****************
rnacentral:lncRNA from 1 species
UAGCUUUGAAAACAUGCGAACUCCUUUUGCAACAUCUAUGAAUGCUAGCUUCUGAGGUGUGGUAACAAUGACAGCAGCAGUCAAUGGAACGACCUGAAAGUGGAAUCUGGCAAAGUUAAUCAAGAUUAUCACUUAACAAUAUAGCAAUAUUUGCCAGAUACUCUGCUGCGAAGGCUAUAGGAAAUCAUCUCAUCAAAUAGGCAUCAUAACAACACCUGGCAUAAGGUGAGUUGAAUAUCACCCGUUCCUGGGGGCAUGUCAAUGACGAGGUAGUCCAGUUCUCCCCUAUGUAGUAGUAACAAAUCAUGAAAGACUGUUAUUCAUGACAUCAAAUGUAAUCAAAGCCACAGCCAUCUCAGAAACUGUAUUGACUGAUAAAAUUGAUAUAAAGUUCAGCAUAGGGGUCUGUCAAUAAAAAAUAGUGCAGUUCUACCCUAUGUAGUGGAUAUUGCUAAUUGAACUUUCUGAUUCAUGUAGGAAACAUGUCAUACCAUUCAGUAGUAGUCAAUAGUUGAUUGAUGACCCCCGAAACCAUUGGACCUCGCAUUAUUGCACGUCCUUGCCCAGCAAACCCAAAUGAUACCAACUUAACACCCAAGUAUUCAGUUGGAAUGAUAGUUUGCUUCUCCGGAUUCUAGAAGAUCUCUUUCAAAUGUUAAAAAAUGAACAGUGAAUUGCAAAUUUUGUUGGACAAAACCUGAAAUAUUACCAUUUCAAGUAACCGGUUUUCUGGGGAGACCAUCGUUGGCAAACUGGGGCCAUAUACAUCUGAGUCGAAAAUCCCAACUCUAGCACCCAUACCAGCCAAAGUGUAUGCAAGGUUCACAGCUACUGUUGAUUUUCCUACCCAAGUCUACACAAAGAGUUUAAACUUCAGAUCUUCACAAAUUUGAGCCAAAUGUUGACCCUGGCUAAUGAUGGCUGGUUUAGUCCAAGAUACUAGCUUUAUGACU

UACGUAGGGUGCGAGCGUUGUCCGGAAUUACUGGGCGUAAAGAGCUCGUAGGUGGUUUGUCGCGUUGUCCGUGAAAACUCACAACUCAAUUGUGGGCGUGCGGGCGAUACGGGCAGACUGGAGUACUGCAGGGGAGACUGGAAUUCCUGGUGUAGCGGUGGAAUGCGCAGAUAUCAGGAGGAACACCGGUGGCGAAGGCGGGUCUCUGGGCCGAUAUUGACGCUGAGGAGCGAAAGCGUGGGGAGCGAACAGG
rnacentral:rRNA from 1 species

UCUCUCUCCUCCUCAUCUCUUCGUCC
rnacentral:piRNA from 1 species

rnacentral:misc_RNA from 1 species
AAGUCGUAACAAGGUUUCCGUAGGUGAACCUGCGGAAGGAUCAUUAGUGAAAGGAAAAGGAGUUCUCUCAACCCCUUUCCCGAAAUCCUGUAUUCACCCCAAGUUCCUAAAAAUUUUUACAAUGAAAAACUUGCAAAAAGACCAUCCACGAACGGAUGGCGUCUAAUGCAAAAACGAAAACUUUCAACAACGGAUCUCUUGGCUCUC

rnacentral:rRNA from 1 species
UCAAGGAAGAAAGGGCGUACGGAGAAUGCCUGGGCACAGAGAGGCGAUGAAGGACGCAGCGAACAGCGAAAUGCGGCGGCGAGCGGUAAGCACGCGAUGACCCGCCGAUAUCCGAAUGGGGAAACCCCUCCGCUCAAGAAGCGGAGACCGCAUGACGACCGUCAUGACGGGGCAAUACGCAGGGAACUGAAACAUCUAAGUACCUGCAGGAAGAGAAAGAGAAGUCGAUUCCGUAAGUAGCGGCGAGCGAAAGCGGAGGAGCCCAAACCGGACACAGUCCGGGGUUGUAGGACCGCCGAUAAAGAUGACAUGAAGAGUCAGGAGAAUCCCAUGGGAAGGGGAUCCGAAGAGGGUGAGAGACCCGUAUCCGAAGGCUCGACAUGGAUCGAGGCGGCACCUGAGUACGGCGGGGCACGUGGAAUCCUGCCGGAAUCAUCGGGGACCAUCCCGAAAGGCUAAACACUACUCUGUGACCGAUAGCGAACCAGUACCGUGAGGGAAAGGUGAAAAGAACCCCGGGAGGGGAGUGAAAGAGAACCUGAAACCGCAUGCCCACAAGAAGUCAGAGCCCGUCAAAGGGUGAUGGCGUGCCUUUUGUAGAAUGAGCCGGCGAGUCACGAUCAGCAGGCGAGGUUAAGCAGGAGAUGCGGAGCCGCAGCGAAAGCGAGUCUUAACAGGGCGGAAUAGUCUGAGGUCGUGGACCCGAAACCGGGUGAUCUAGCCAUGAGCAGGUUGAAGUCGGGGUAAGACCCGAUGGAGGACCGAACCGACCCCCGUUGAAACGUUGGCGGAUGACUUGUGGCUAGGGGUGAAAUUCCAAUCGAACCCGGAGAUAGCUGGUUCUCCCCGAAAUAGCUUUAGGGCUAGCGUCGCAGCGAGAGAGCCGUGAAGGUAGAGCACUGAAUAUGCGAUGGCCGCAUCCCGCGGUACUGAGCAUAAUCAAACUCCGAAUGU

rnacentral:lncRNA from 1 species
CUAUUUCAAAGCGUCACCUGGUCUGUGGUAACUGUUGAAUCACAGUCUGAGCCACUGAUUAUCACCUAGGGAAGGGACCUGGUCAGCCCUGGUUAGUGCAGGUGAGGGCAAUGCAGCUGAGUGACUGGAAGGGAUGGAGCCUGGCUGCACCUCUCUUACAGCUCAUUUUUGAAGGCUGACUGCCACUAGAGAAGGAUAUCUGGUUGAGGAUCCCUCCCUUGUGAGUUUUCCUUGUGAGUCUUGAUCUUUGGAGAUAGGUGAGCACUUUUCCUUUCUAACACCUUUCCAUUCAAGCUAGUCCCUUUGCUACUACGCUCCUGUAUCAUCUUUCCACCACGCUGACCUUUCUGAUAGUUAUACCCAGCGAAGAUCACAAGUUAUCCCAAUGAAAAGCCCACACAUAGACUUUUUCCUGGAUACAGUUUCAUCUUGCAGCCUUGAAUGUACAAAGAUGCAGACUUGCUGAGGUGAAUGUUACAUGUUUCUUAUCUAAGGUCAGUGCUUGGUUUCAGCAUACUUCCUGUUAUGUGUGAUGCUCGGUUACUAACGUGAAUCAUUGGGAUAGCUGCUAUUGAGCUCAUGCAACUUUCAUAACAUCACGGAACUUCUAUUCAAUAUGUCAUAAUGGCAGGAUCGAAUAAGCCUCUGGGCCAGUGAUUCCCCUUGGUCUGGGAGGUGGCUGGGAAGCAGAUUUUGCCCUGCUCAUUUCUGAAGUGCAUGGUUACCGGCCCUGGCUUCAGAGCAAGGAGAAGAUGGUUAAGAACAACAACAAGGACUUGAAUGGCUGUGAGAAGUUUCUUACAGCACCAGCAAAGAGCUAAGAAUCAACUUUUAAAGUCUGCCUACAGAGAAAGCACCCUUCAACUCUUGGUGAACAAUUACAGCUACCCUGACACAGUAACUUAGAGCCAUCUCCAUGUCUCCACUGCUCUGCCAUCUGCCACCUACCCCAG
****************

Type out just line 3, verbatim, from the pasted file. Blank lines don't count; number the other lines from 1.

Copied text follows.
UACGUAGGGUGCGAGCGUUGUCCGGAAUUACUGGGCGUAAAGAGCUCGUAGGUGGUUUGUCGCGUUGUCCGUGAAAACUCACAACUCAAUUGUGGGCGUGCGGGCGAUACGGGCAGACUGGAGUACUGCAGGGGAGACUGGAAUUCCUGGUGUAGCGGUGGAAUGCGCAGAUAUCAGGAGGAACACCGGUGGCGAAGGCGGGUCUCUGGGCCGAUAUUGACGCUGAGGAGCGAAAGCGUGGGGAGCGAACAGG